Three hip replacements later, Thompson began Thompson’s Prawn Farm in Cedar Grove, N.C.
Thompson said his surgeries coincided with the 2004 United States government buyout of the tobacco industry.
“When the tobacco buyout happened, I had medical problems, so this is why I got out of tobacco farming,” he said. “If it weren’t for that I would still be farming tobacco.”
The Fair and Equitable Tobacco Reform Act of 2004 eliminated price support loans, which Thompson said forced small farmers like him out of tobacco farming.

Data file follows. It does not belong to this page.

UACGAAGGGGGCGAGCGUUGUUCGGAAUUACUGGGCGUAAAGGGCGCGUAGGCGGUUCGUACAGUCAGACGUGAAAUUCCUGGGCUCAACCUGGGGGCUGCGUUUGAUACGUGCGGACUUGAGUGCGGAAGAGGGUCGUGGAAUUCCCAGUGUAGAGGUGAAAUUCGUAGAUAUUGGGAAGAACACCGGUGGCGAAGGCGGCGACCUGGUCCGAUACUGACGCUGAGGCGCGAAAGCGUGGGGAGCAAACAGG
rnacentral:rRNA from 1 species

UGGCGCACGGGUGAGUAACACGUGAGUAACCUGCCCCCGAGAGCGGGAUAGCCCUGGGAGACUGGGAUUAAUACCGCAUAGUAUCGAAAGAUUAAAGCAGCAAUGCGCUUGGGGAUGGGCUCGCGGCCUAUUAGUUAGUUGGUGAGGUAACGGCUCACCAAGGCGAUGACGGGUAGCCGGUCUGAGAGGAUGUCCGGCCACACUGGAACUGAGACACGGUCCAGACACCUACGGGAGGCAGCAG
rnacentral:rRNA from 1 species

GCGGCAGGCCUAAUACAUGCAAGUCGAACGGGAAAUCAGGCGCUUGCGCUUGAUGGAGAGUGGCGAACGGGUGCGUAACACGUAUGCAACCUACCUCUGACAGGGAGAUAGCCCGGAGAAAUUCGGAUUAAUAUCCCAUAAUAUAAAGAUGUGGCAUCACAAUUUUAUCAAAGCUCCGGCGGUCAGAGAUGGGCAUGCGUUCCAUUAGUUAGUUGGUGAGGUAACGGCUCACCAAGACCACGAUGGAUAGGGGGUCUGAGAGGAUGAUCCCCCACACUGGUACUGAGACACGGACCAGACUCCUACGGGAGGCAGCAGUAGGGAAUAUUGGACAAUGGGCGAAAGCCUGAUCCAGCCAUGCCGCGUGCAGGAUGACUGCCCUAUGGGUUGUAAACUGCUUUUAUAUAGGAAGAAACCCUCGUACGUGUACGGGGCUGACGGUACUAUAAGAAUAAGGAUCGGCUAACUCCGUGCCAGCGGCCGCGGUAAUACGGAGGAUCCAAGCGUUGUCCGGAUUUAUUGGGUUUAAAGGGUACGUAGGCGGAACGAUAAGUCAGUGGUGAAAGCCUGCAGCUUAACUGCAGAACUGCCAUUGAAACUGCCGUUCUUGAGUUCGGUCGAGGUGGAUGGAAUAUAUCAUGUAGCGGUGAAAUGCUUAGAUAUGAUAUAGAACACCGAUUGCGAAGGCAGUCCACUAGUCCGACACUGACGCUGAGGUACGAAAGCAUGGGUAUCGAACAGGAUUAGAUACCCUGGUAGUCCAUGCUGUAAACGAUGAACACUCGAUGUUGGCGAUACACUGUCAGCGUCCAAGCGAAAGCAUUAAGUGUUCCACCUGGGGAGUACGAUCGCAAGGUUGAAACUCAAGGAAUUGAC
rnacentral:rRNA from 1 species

“If you don’t get big, you get out,” he said.
Richard Reich, assistant commissioner for the N.C. Department of Agriculture and Consumer Services, said the number of tobacco farms has decreased statewide in the last few years for several reasons.
He said there have been consolidations of smaller tobacco farms to improve efficiency, which had led to a decrease in the number of total farms.
“The tobacco industry has even more pressure on it, so the demand for tobacco has declined and that’s been a factor as well,” Reich said.